Razer Barracuda X

A versatile headset, usable on many platforms in wireless and wired, all at a low price: here is the attractive concept pushed by Razer with its Barracuda X... which is not done without some concessions.



Like many other gaming manufacturers, Razer is trying a new approach to diversify its headset catalog with its Barracuda X. This model is indeed positioned as a "hybrid", designed as both a gaming headset and a nomad, usable both at home and on the move to enjoy its games and any content on PC/Playstation/Switch and Android smartphones, all wireless. To make sure no one is left behind, the Barracuda X can also be used as a wired headset thanks to the included mini-jack cable.

Such versatility seems particularly appealing to gamers who want to invest in a single headset. This is especially true at the low price the headset is offered at (€100 at launch, but regularly offered at around €80 at the time of writing). So we'll see if the execution is up to scratch...



The "hybrid" approach of the Barracuda X is noticeable from the outset by its sleek and discreet appearance: no flashy colors, no massive earpieces, no double headband or RGB backlighting. The design here is closer to that of a nomadic headset than a "traditional" gaming headset.

Although we appreciate the great lightness of the helmet (267 g), we would have preferred a little more flexibility in the design of its headband - we quickly feel a resistance when putting the helmet on the head - and especially the possibility of folding the earpieces towards the latter to facilitate the transport.

The quality of the finishes is not extraordinary. If the design of the Barracuda X showed no real weaknesses during its test, we still have a reservation about the durability of the whole given the constitution of the plastic parts. They sound particularly "hollow" when tapped and are extremely sensitive to scratches. In addition, many assembly marks, sometimes not very graceful, are visible everywhere on the helmet. It would have been a good idea for the manufacturer to offer at least a carrying pouch to protect the helmet a little, and to easily gather the numerous accessories that come with it.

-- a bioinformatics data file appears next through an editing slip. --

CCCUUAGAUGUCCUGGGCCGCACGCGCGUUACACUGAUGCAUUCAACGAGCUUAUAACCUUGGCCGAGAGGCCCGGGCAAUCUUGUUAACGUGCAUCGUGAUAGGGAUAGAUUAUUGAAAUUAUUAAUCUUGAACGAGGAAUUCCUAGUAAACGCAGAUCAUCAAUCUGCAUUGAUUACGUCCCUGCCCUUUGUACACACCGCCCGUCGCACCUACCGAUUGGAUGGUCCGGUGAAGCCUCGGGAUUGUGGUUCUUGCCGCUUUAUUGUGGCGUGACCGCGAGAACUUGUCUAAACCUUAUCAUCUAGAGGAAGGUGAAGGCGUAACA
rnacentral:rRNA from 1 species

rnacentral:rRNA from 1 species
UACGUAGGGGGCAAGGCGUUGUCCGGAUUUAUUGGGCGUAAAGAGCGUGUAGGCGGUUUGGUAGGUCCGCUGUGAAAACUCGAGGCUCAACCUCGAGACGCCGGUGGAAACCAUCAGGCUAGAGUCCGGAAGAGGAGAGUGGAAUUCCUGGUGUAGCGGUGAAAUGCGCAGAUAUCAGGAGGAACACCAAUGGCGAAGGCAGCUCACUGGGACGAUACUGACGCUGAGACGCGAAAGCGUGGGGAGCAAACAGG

The experience of wearing the Barracuda X is satisfactory. The light weight and design of the headset, the generous pivot of the earcup hinges, and the coating used on the earcups all contribute to a comfortable fit. The headset sits easily and naturally on the head, the contact is relatively soft and the pressure points are suitably distributed on the top of the head and around the auricle.

It is still important to note that the comfort of this helmet is not perfectly universal, either at the level of the head or the ears. The somewhat limited deployment of the headband may cause discomfort on the top of the head after a good hour of use, while the rather limited space at the level of the earpieces (in depth and height) will cause, depending on the case, another discomfort, this time either at the level of the helix, the lobe, or the concha of the auricle.





The Barracuda X is not the first "hybrid" gaming headset, but the connectivity it offers is still quite new on this market. No connection via Bluetooth here, the wireless connection is done exclusively via a USB-C dongle for a more robust communication and especially with negligible latency - what we could verify during our test, especially since the range is very correct (about 10 to 15 m).

The headset can therefore be used on a very wide variety of devices (desktop and laptop computers, Playstation PS4 and PS5 consoles, Nintendo Switch and Android smartphones), with the possible help of the USB-C to USB-A adapter. This connection method obviously leaves Xbox console users and Apple smartphone users out in the cold. These, like those using other devices with a mini-jack connector, can fortunately turn to the wired analog connection (passive use, so headphones off).

Such versatility is therefore extremely appreciable. Having said that, we would have appreciated the possibility of using the headset in a wired USB connection, if only to avoid having to occupy two USB ports, or to use a double USB + mini-jack connection, when you want to use the headset while charging.


Controls & application

The Barracuda X's approach to operation is very simple, perhaps even too simple.

There is absolutely nothing complex about setting up the headset: just plug the wireless adapter into a device, turn on the headset, and you're done. Unfortunately, only a few beeps and an LED confirm the success of the operation, but you'll never know the battery level or the remaining usage time, except when you're approaching the critical limit, or if the microphone has been switched off/on, for example. No companion application is offered on mobile or PC, so don't expect any customization options or advanced features (sound/chat volume balance, headset rendering equalization, microphone, microphone feedback in the headset...).